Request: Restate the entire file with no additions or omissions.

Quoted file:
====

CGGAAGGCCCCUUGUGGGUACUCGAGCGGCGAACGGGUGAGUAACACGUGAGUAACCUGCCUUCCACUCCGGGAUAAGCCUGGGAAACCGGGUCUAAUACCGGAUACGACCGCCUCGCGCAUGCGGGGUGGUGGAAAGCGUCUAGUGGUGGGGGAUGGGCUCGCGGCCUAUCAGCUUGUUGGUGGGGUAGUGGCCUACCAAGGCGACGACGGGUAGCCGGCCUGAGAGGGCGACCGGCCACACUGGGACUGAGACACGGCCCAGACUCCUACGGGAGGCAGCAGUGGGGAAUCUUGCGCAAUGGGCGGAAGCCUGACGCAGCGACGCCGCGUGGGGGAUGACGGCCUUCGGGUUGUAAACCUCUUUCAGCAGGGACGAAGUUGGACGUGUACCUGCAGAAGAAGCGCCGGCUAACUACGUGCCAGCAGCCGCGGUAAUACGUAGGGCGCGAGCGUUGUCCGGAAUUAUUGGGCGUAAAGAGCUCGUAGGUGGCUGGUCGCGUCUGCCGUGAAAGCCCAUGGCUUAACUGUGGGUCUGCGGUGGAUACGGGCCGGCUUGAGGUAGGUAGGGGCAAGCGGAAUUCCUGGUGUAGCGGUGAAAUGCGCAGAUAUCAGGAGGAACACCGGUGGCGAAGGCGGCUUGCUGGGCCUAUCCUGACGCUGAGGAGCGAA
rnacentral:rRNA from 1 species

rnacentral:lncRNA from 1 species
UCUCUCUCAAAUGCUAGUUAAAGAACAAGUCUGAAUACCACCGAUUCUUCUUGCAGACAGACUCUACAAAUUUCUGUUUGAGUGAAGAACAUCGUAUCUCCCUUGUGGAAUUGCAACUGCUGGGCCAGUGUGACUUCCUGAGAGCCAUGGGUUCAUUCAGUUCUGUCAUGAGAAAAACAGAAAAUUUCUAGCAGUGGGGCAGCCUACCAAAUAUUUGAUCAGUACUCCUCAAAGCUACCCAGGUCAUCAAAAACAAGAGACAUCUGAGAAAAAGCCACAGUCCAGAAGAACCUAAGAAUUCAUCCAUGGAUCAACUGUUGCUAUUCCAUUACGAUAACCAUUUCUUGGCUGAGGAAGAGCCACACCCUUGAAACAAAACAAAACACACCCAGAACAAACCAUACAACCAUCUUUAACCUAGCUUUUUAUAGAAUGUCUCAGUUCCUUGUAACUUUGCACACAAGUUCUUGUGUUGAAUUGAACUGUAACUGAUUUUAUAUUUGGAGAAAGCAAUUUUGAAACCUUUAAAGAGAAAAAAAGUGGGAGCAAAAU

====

CGGAAGGCCCCUUGUGGGUACUCGAGCGGCGAACGGGUGAGUAACACGUGAGUAACCUGCCUUCCACUCCGGGAUAAGCCUGGGAAACCGGGUCUAAUACCGGAUACGACCGCCUCGCGCAUGCGGGGUGGUGGAAAGCGUCUAGUGGUGGGGGAUGGGCUCGCGGCCUAUCAGCUUGUUGGUGGGGUAGUGGCCUACCAAGGCGACGACGGGUAGCCGGCCUGAGAGGGCGACCGGCCACACUGGGACUGAGACACGGCCCAGACUCCUACGGGAGGCAGCAGUGGGGAAUCUUGCGCAAUGGGCGGAAGCCUGACGCAGCGACGCCGCGUGGGGGAUGACGGCCUUCGGGUUGUAAACCUCUUUCAGCAGGGACGAAGUUGGACGUGUACCUGCAGAAGAAGCGCCGGCUAACUACGUGCCAGCAGCCGCGGUAAUACGUAGGGCGCGAGCGUUGUCCGGAAUUAUUGGGCGUAAAGAGCUCGUAGGUGGCUGGUCGCGUCUGCCGUGAAAGCCCAUGGCUUAACUGUGGGUCUGCGGUGGAUACGGGCCGGCUUGAGGUAGGUAGGGGCAAGCGGAAUUCCUGGUGUAGCGGUGAAAUGCGCAGAUAUCAGGAGGAACACCGGUGGCGAAGGCGGCUUGCUGGGCCUAUCCUGACGCUGAGGAGCGAA
rnacentral:rRNA from 1 species

rnacentral:lncRNA from 1 species
UCUCUCUCAAAUGCUAGUUAAAGAACAAGUCUGAAUACCACCGAUUCUUCUUGCAGACAGACUCUACAAAUUUCUGUUUGAGUGAAGAACAUCGUAUCUCCCUUGUGGAAUUGCAACUGCUGGGCCAGUGUGACUUCCUGAGAGCCAUGGGUUCAUUCAGUUCUGUCAUGAGAAAAACAGAAAAUUUCUAGCAGUGGGGCAGCCUACCAAAUAUUUGAUCAGUACUCCUCAAAGCUACCCAGGUCAUCAAAAACAAGAGACAUCUGAGAAAAAGCCACAGUCCAGAAGAACCUAAGAAUUCAUCCAUGGAUCAACUGUUGCUAUUCCAUUACGAUAACCAUUUCUUGGCUGAGGAAGAGCCACACCCUUGAAACAAAACAAAACACACCCAGAACAAACCAUACAACCAUCUUUAACCUAGCUUUUUAUAGAAUGUCUCAGUUCCUUGUAACUUUGCACACAAGUUCUUGUGUUGAAUUGAACUGUAACUGAUUUUAUAUUUGGAGAAAGCAAUUUUGAAACCUUUAAAGAGAAAAAAAGUGGGAGCAAAAU